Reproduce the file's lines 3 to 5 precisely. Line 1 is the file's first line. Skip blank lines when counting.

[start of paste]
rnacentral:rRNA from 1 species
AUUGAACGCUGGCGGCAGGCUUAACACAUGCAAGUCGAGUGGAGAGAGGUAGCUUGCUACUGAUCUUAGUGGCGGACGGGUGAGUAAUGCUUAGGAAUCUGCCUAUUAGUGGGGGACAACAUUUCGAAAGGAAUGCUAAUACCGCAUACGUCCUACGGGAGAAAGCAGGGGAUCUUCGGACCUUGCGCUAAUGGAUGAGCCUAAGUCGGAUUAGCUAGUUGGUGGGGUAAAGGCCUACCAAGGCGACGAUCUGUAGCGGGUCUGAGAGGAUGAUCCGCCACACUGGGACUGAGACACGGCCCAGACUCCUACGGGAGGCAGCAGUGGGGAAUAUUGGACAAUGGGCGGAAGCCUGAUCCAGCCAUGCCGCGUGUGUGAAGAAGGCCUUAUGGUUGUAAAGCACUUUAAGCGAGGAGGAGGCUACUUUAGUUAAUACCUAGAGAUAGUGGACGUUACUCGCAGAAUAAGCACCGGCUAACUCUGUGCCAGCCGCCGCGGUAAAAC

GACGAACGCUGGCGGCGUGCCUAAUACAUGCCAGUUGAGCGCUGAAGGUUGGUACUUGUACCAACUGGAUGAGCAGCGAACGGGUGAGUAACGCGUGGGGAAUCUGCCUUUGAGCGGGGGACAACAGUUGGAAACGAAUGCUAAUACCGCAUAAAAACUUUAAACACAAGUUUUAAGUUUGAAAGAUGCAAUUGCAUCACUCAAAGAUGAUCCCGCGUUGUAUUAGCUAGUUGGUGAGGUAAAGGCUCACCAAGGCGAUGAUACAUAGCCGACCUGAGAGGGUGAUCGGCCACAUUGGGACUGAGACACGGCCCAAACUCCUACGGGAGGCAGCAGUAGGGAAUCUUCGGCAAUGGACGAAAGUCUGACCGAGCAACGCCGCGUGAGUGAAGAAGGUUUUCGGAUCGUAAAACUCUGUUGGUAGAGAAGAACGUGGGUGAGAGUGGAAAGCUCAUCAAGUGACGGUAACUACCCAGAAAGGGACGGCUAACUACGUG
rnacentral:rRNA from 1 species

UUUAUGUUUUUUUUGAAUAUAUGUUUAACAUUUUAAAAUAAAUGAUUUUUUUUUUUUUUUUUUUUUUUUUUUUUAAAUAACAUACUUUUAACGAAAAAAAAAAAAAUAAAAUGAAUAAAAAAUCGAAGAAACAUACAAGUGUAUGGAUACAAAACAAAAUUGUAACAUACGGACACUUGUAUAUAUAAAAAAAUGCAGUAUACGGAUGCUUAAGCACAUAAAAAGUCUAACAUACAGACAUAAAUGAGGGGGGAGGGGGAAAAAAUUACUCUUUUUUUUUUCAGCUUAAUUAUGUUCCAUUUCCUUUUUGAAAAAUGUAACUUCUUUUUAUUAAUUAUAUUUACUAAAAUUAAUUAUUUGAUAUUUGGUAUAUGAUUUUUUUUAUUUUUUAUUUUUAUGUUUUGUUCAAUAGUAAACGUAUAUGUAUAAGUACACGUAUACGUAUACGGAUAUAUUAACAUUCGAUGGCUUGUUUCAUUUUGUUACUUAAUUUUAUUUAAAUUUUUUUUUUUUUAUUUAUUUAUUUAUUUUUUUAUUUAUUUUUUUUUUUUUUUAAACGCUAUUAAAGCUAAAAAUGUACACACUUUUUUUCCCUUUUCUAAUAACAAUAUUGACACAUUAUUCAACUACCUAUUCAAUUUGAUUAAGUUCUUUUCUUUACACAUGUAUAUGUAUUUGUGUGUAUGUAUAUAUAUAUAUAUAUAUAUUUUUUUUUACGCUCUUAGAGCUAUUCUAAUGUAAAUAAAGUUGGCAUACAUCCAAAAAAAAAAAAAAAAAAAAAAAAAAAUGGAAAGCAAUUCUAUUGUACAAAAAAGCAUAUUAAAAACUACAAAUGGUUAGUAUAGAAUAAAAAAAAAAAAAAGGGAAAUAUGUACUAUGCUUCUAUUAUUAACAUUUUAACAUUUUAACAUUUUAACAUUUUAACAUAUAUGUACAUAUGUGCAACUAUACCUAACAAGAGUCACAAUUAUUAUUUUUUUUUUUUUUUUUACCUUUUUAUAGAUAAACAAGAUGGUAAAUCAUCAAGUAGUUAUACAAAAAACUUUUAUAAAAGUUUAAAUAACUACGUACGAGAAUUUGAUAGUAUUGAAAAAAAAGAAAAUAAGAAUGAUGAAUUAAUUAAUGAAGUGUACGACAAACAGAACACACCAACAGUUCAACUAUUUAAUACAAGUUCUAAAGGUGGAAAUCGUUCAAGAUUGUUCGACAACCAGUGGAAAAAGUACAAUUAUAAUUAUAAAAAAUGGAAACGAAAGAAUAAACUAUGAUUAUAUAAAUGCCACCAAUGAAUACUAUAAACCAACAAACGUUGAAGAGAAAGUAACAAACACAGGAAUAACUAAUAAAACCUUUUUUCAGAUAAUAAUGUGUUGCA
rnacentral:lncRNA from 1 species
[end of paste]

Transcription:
GACGAACGCUGGCGGCGUGCCUAAUACAUGCCAGUUGAGCGCUGAAGGUUGGUACUUGUACCAACUGGAUGAGCAGCGAACGGGUGAGUAACGCGUGGGGAAUCUGCCUUUGAGCGGGGGACAACAGUUGGAAACGAAUGCUAAUACCGCAUAAAAACUUUAAACACAAGUUUUAAGUUUGAAAGAUGCAAUUGCAUCACUCAAAGAUGAUCCCGCGUUGUAUUAGCUAGUUGGUGAGGUAAAGGCUCACCAAGGCGAUGAUACAUAGCCGACCUGAGAGGGUGAUCGGCCACAUUGGGACUGAGACACGGCCCAAACUCCUACGGGAGGCAGCAGUAGGGAAUCUUCGGCAAUGGACGAAAGUCUGACCGAGCAACGCCGCGUGAGUGAAGAAGGUUUUCGGAUCGUAAAACUCUGUUGGUAGAGAAGAACGUGGGUGAGAGUGGAAAGCUCAUCAAGUGACGGUAACUACCCAGAAAGGGACGGCUAACUACGUG
rnacentral:rRNA from 1 species

UUUAUGUUUUUUUUGAAUAUAUGUUUAACAUUUUAAAAUAAAUGAUUUUUUUUUUUUUUUUUUUUUUUUUUUUUAAAUAACAUACUUUUAACGAAAAAAAAAAAAAUAAAAUGAAUAAAAAAUCGAAGAAACAUACAAGUGUAUGGAUACAAAACAAAAUUGUAACAUACGGACACUUGUAUAUAUAAAAAAAUGCAGUAUACGGAUGCUUAAGCACAUAAAAAGUCUAACAUACAGACAUAAAUGAGGGGGGAGGGGGAAAAAAUUACUCUUUUUUUUUUCAGCUUAAUUAUGUUCCAUUUCCUUUUUGAAAAAUGUAACUUCUUUUUAUUAAUUAUAUUUACUAAAAUUAAUUAUUUGAUAUUUGGUAUAUGAUUUUUUUUAUUUUUUAUUUUUAUGUUUUGUUCAAUAGUAAACGUAUAUGUAUAAGUACACGUAUACGUAUACGGAUAUAUUAACAUUCGAUGGCUUGUUUCAUUUUGUUACUUAAUUUUAUUUAAAUUUUUUUUUUUUUAUUUAUUUAUUUAUUUUUUUAUUUAUUUUUUUUUUUUUUUAAACGCUAUUAAAGCUAAAAAUGUACACACUUUUUUUCCCUUUUCUAAUAACAAUAUUGACACAUUAUUCAACUACCUAUUCAAUUUGAUUAAGUUCUUUUCUUUACACAUGUAUAUGUAUUUGUGUGUAUGUAUAUAUAUAUAUAUAUAUAUUUUUUUUUACGCUCUUAGAGCUAUUCUAAUGUAAAUAAAGUUGGCAUACAUCCAAAAAAAAAAAAAAAAAAAAAAAAAAAUGGAAAGCAAUUCUAUUGUACAAAAAAGCAUAUUAAAAACUACAAAUGGUUAGUAUAGAAUAAAAAAAAAAAAAAGGGAAAUAUGUACUAUGCUUCUAUUAUUAACAUUUUAACAUUUUAACAUUUUAACAUUUUAACAUAUAUGUACAUAUGUGCAACUAUACCUAACAAGAGUCACAAUUAUUAUUUUUUUUUUUUUUUUUACCUUUUUAUAGAUAAACAAGAUGGUAAAUCAUCAAGUAGUUAUACAAAAAACUUUUAUAAAAGUUUAAAUAACUACGUACGAGAAUUUGAUAGUAUUGAAAAAAAAGAAAAUAAGAAUGAUGAAUUAAUUAAUGAAGUGUACGACAAACAGAACACACCAACAGUUCAACUAUUUAAUACAAGUUCUAAAGGUGGAAAUCGUUCAAGAUUGUUCGACAACCAGUGGAAAAAGUACAAUUAUAAUUAUAAAAAAUGGAAACGAAAGAAUAAACUAUGAUUAUAUAAAUGCCACCAAUGAAUACUAUAAACCAACAAACGUUGAAGAGAAAGUAACAAACACAGGAAUAACUAAUAAAACCUUUUUUCAGAUAAUAAUGUGUUGCA